Is it a bus? Is it a train? No... it's a superfast Cambridge 'sprinter'
The driverless shuttle that could be the future of the Cambridge commute is a chance to rebrand public transport says Prof John Miles.
The plan to connect the University of Cambridge’s many campuses with a driverless underground ‘bus’ has grown into an ambitious project that would serve the whole of Greater Cambridge.
Prof John Miles, an energy and transport expert from Cambridge University’s Department of Engineering, sees this as a chance to redefine public transport with a new system: Affordable Very Rapid Transport (AVRT).
“It’s neither a train nor a bus,” he said. “If you start describing it as a train some people would like that, but others would say well, as a train it has to fulfil certain regulations. That’s exactly what you don’t want to start doing. You don’t want to call it a bus because people would say, ‘Well, we don’t want to take a bus’. It’s a mode of transport we haven’t had before. AVRT is the system, it says what it does. But when you talk about the vehicle itself we fall back on calling it a bus or a train, but it is neither. The best name I’ve got so far is ‘sprinter’.”
A sprinter vehicle could be developed for £5million, and that’s the next step – finding the money. Once raised though, the vehicle could be built in 30 months, and tested on the guided busway.
The technology involved is actually quite “vanilla”, Prof Miles said, utilised in different projects around the world. They would be aiming to build something resembling a small regional jet on wheels – long, slim and with sliding doors.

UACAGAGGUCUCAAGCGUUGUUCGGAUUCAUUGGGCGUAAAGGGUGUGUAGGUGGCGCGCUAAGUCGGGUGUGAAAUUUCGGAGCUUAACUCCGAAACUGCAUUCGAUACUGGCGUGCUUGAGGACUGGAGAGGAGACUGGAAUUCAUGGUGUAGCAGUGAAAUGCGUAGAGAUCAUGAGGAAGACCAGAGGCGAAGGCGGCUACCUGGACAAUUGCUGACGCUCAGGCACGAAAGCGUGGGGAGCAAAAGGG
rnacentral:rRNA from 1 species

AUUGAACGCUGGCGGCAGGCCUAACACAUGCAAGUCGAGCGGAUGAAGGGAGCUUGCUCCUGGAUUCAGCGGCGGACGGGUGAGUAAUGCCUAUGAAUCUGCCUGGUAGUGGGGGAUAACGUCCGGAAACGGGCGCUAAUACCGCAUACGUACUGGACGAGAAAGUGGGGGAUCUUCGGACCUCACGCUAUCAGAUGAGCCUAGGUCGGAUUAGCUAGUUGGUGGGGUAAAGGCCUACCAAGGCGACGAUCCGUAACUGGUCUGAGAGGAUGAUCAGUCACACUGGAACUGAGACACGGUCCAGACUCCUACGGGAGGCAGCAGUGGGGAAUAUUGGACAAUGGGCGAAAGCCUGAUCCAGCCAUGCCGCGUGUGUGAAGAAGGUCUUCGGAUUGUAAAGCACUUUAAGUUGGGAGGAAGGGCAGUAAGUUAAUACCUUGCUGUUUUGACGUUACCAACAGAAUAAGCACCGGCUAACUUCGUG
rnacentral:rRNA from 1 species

“The question is, would the university ever spend that amount of money to do it?” asked Prof Miles. “And that is probably still an open question because the university isn’t seeking to get money back in the way that a bus operating company would – the university is thinking bigger thoughts. The university is thinking, we’ve got to compete with MIT and Stanford and Tsinghua and University of Tokyo. They are all expanding, trying to attract the best people in the world. We’ve got to do that and if we can attract all these people into Cambridge we’ve got find somewhere for them to live. To that extent it’s a sort of existential problem; if we don’t keep up we drop out of the top five universities in the world, and you’ll never get back in again, you can’t do that. You just slip further and further behind. These days Cambridge has lots of good tech employers in the city. If the likes of AstraZeneca, ARM and Microsoft are going to continue to have their world research headquarters in Cambridge then all the same arguments apply to them as they do to the university.
“I think the priority is now to build and demonstrate a sprinter. We need to put our effort into getting a club of organisations together that have got sufficient interest to actually fund it.”